The town is surrounded by as good country and as intelligent, industrious farmers as could be asked, and with all this and our energetic citizens there is no reason why it shall not rise to as good a point as any in the county. The place at one time had a very hard name, about the time of the building of the Indiana, Bloomington & Western Railroad, one or two men being murdered by the gang who worked on the road; also at that time there were several places of disreputable character, several saloons, which most certainly was the cause. But now we have as quiet and peaceable a town as is anywhere to be found. Still the bad name hangs over us, by parties who are not visitors here. We have two churches-Christian Church, under the pastoral charge of Elder Pritchard, and M. E. Church, under the pastoral charge of Rev. E. W. Lawhon.
The high school, which building was erected in 1873, is most certainly in a prosperous condition under the principalship of Prof. P. V. Voris; the faculty are as follows: Academic department, Prof. Voris; Preparatory, Prof. Storm; Intermediate, Miss Effie Gibson; Primary, Mrs. Belle Emmons. Our oldest settlers are G. W. Gibson, who has been a citizen for fifty-eight years, and Dr. G. L. Burk, who has been here for forty-six years. The gentlemen who look after the physical welfare of our citizens are Dr. G. L. Burk, A. M. Finch, S. J. Banta, W. S. Heady, G. M. Van Arsdell and F. M. Austin. The legal fraternity is ably represented by W. J. Darnall and D. C. Brackney. We have four secret societies. I. O O. F., No. 222, founded June 20, 1861, with a membership of nearly one hundred; F. A. M., with a good membership and in prosperous condition; G. A. R., No. 162, with a membership of seventy-five; and Knights of Labor.
The amount of business done in Jamestown is exceedingly large. Emmons & Richmond are doing a large business, working about fifteen hands at their sawmill and from five to ten teams hauling logs; have the last year shipped fifteen cars of walnut limber, and for contract on railroad works bills averaged at least five cars a week. During the autumn months they sawed about 75,000 feet of quartering out, which it; used as finishing lumber This is done only by mills which stand as first-class This firm deserves great praise for their energy and employment of so many laborers, which has been an aid to many families. In the mercantile department are J. H. Camplin & Son, John H. Cline, W. T. Free, C. K. Slonnegar, W. H. Orear & Co., Thomas: B. Williamson, J. H. Steele, Thomas Porter, J. T. Burhop, S. B. Summerville and G. W. McKeehan. The Eel River Mills are running night and day in order to keep up with orders for flour and feed. This mill is managed by Wesley Martin & Sons. Mr. Martin, Senior, was our miller in an early day, removing from this county to Minnesota, and returning only a short time since. Crose & Hendricks are our liverymen. John Huber has been running a restaurant here for the last twenty years. Peter Smith operates a tile factory. Besides supplying the home market with his products he has shipped several carloads to Illinois during the past summer. Our wagon factory is conducted by Richard Miller, who also does carriage painting and ironing."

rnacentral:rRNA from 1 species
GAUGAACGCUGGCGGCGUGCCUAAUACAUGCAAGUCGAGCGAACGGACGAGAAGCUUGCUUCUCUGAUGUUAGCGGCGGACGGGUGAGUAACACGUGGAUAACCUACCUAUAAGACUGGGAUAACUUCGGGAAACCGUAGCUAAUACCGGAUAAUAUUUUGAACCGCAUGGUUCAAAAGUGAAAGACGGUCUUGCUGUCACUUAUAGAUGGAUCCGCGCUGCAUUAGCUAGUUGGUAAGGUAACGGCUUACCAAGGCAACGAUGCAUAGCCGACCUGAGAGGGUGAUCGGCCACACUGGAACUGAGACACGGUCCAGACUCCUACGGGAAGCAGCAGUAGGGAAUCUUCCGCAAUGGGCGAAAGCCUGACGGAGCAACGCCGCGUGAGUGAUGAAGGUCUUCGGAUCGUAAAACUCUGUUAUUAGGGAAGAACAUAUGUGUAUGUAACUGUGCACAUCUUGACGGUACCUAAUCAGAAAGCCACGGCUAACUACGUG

The City of Lebanon

In pursuance to an act of the Legislature of 1830, this county was organized, and in conformity to the same act, the Governor of the State was authorized to appoint five commissioners, whose duty it was to locate the county seat of this county. Three of these five commissioners for this purpose met near the center of the county about the 1st of May, 1832. It was their duty, according to the law, to locate the site for the county seat within two miles of the center of the county. After prospecting various sites near the center of the county, they finally came on to the tract of land where Lebanon is now located. This tract of land then belonged to Colonel Kinnard, in which it appears that Colonel Drake was also interested. Here then stood a tall, dense forest of large trees, among which the small growth of underbrush and saplings were so dense as to obstruct the passage of man or beast. After two or three days of toil in looking for a location for the county seat, the commissioners stopped on the rise of ground where the court-house now stands, though this particular spot was then surrounded by willow ponds, and outside of these ponds the trees were a hundred feet in height. Here the commissioners were reposing. Meantime quite a crowd of unkempt Hoosiers had assembled to see the commissoners and find the location of the new county seat in the deep, wild woods. The Commissioners had made their decision that here was the county seat; they drove a large stake where the court-house now stands. That stake was all that was then done in the construction of the city of Lebanon. Then there was not a human being residene in Lebanon - no, not even an Indian wigwam nor a log hut. It was in its native glory; but the name - it was yet without a name. The commissioners had failed as yet to give it name; they could not agree, Mr. .A. M. French, the youngest of the commissioners, lay near by, quietly sleeping, unconcerned what the name might be. He was aroused and told the others, having failed in agreeing on a name for the county seat of the State of Boone, had deferred the name solely to him. He gazed up at the tall trees around him, and thought of the tall cedars of Lebanon in sacred history thought of the river Jordan -- here were the tall trees, a way off was Prairie Creek; thus the name was evolved in his mind - he shouted " Lebanon." The name was fixed. Lebanon it has henceforth been.